Not all types of mulch are the same so check out these tips from our gardening expert on how to select the right mulch.

Tidy the garden

A zero-cost way to improve your home’s curb appeal is to simply pull out the gardening shears to prune plants, mow the lawn and tidy up garden beds.

Fresh lick of paint

Paint is one of the best ‘bang for buck’ tricks in the book. As well as painting your letter box as we mentioned above, we suggested sanding back and painting any rusty grills or gates, your front door — and if you really want to go all out, even your front façade.

3. Have enough empty spaces 

Back to inside the home, a tip many professional stagers use is ‘void space’. While you may be tempted to think ‘more is more’, when it comes to selling a home, you need to create space for people to visualise where their possessions would go.

Empty spaces such as blank walls, empty mantelpiece, and clean surfaces not only help to depersonalise the home, but also make the rooms look more spacious, bright and airy. 

Just be sure to not go too far as a sterile home can also turn buyers off so keep reading for tips on how you can brighten up and add warmth to your home.

4. Brighten up 

Dark coloured walls, deep toned furniture, dark carpets, curtains or furnishings can make rooms feel smaller than they are, or worse, dark and gloomy. 

While changing the wall colours or swapping out dark furniture are improvements that demand a certain amount of investment, you can create a lighter mood by simply changing some of your décor.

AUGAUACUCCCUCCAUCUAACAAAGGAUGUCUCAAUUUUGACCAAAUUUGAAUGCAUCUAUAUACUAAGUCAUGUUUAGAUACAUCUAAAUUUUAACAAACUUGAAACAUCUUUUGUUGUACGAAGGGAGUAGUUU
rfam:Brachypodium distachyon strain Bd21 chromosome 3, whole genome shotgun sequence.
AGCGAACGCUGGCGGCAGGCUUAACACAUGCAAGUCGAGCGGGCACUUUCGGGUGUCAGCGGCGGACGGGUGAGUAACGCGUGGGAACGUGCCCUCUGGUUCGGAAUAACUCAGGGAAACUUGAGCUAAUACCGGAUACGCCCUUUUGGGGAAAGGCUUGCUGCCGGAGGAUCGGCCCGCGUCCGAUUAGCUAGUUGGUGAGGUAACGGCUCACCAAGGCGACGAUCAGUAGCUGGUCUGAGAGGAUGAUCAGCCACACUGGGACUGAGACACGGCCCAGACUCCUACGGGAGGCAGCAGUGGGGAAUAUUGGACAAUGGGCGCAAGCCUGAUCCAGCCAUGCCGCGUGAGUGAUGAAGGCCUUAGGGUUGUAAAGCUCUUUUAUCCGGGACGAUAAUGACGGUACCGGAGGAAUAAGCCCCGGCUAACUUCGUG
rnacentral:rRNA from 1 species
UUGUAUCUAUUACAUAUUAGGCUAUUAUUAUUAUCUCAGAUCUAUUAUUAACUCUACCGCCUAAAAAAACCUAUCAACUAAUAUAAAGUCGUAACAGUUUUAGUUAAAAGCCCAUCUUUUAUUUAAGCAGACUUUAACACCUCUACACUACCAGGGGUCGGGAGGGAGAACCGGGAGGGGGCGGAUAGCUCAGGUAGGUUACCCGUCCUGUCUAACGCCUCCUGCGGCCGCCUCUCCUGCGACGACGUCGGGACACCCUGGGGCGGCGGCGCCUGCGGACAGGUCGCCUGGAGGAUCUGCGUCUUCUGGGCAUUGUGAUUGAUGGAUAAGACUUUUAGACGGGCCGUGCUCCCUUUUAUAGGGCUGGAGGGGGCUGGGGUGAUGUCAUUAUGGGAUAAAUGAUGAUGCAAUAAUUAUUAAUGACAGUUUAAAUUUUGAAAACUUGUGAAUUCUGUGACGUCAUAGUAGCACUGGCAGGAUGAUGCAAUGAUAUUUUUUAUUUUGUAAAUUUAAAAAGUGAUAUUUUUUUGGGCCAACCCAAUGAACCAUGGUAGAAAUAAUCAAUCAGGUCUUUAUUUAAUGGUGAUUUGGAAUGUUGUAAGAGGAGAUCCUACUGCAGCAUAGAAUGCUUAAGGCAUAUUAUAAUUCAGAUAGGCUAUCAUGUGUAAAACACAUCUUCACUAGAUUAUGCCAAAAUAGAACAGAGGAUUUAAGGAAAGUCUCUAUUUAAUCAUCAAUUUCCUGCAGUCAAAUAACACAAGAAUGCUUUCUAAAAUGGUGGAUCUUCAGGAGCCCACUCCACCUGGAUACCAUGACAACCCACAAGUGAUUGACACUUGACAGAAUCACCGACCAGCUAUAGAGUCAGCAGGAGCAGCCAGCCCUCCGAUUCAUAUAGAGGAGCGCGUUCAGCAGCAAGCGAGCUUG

Lighter or brightly coloured cushions on the sofa and bed along with a new throw create a big impact. Neutral artwork will add colour and life to your walls. Carry the new colour palette through the space by picking up 2-4 pieces of décor to sprinkle across the room. 

Plants are also an easy but effective way to add a natural freshness to interiors. You could opt for services such as an indoor plant hire in Sydney if you don’t have your own plants or if you’re worried about their maintenance.

Plant hire
Vertical wall available for hire from Gaddy’s indoor plant hire

5. Appeal to the other senses

The tips we’ve listed so far have all been about what you can ‘see’ but when it comes to creating an emotional connection with a property, we need to consider the other senses at play. 

You’ve probably heard the saying ‘the nose knows’ and let’s be honest, who wants to buy a house that smells of bad odours, cigarette smoke or stale cooking. Our sense of smell impacts on our decision-making process, even if it’s just subconsciously.

Get rid of problem smells by giving your home a deep clean (including washing walls, cleaning carpets and drapery) and rather than using the old trick of baking cookies before an open house, we recommend a lighter scent such as burning a soy wax candle.

Another often subconscious deciding factor is mood which can be a little harder to address. Lighting does have a direct relationship to mood though so be sure to fix all light bulbs, and invest in a few table or floor lamps for ambient lighting.

We hope these tips help you prepare for an open house without the overwhelm! You may also like to check out these tips on minimising stress when selling your home.

More tips to sell or rent